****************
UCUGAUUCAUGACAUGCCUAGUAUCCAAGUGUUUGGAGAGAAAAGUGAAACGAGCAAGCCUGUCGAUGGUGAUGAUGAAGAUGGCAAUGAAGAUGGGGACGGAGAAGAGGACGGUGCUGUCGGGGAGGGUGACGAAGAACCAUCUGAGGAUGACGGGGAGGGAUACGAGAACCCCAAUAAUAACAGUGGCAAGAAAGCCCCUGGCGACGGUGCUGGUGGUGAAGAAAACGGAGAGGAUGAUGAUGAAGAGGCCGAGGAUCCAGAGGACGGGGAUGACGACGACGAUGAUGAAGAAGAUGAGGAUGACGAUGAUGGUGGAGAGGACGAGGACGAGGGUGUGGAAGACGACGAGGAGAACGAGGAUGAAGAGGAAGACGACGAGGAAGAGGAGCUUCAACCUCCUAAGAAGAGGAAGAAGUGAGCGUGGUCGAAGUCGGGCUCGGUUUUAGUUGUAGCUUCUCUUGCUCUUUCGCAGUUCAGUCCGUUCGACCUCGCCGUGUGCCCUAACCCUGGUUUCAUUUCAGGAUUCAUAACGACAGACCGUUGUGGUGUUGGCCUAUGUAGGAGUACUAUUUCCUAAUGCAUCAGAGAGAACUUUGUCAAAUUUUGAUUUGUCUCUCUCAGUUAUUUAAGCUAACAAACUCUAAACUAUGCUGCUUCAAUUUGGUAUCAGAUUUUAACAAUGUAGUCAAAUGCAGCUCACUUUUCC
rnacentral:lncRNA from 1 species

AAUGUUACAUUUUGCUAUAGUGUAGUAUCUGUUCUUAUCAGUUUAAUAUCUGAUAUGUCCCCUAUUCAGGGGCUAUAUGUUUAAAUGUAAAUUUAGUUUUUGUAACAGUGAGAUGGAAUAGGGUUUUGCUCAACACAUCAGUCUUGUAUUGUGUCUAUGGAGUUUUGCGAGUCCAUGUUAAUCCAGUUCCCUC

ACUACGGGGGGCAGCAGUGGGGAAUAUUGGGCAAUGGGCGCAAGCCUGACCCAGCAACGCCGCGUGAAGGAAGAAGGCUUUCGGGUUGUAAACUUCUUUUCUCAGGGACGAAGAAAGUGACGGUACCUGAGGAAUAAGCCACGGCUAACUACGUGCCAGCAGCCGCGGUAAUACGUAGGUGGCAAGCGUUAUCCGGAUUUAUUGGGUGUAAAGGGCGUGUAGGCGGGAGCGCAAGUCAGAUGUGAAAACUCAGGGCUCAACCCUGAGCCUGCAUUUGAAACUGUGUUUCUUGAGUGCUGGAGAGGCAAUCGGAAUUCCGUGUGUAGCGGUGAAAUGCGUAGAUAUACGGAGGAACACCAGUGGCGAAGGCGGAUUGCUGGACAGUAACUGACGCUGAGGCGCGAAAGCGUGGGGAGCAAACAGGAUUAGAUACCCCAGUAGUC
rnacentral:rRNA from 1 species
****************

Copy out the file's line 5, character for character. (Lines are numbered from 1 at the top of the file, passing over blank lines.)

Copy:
rnacentral:rRNA from 1 species